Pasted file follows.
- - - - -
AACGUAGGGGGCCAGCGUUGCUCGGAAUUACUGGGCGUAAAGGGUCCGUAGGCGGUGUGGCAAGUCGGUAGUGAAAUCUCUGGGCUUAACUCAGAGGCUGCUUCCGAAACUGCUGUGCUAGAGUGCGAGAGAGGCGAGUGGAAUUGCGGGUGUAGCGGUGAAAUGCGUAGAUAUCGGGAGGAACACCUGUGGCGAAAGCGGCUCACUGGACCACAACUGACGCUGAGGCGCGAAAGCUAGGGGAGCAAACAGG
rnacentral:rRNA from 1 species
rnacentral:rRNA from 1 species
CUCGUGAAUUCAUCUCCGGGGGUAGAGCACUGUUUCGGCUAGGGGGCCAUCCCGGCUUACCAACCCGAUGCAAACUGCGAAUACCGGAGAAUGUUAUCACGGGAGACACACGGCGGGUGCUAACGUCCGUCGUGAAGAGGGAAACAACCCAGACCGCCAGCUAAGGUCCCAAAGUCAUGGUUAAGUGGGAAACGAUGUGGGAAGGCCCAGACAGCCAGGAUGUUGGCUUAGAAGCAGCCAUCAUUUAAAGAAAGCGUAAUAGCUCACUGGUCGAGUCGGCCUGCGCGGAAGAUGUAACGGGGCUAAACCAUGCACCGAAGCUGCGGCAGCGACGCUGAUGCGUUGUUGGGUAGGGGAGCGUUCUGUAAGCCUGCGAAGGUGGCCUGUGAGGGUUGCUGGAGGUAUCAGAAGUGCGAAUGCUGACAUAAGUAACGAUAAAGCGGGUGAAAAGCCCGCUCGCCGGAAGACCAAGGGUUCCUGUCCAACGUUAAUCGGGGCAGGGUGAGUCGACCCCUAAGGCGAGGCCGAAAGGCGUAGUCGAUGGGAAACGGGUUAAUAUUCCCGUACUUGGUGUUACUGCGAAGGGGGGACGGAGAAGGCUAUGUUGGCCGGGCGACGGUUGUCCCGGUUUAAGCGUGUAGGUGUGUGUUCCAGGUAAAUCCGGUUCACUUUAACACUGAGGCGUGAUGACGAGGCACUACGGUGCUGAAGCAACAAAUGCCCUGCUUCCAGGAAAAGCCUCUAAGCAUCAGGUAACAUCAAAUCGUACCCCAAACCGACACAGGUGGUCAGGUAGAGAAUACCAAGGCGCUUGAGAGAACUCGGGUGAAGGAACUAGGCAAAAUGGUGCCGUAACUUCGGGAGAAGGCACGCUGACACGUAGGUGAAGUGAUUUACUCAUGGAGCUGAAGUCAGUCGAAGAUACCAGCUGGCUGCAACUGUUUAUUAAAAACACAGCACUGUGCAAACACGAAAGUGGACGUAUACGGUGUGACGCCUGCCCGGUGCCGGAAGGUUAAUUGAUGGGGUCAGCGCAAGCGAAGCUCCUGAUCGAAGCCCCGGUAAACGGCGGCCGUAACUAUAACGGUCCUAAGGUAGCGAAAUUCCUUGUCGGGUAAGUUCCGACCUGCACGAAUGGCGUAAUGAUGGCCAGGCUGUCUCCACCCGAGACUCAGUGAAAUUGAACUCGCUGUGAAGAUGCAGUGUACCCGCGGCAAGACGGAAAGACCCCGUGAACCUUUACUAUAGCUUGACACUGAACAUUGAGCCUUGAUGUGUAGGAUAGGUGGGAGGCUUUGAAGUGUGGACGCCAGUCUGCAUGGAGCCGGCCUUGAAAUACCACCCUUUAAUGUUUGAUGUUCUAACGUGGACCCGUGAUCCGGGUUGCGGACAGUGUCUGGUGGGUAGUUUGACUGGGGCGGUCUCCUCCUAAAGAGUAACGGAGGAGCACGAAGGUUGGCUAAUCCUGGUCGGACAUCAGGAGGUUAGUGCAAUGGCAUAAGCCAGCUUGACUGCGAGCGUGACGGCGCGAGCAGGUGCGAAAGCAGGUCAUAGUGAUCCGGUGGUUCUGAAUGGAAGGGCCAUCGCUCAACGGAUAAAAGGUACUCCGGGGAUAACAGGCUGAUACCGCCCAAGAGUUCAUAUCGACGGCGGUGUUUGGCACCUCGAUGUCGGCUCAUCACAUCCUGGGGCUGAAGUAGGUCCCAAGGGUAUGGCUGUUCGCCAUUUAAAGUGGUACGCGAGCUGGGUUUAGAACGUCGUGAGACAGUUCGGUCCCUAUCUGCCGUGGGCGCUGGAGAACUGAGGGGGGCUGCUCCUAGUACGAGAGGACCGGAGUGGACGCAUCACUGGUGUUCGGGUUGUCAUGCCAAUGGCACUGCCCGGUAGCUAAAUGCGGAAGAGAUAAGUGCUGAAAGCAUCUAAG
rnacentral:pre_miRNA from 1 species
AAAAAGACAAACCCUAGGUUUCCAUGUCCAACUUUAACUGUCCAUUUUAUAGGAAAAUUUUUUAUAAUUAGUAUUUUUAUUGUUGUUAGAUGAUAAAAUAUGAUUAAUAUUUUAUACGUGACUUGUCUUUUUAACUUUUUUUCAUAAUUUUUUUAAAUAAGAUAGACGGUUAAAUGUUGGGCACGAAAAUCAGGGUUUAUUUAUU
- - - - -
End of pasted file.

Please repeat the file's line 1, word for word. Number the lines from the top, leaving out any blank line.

AACGUAGGGGGCCAGCGUUGCUCGGAAUUACUGGGCGUAAAGGGUCCGUAGGCGGUGUGGCAAGUCGGUAGUGAAAUCUCUGGGCUUAACUCAGAGGCUGCUUCCGAAACUGCUGUGCUAGAGUGCGAGAGAGGCGAGUGGAAUUGCGGGUGUAGCGGUGAAAUGCGUAGAUAUCGGGAGGAACACCUGUGGCGAAAGCGGCUCACUGGACCACAACUGACGCUGAGGCGCGAAAGCUAGGGGAGCAAACAGG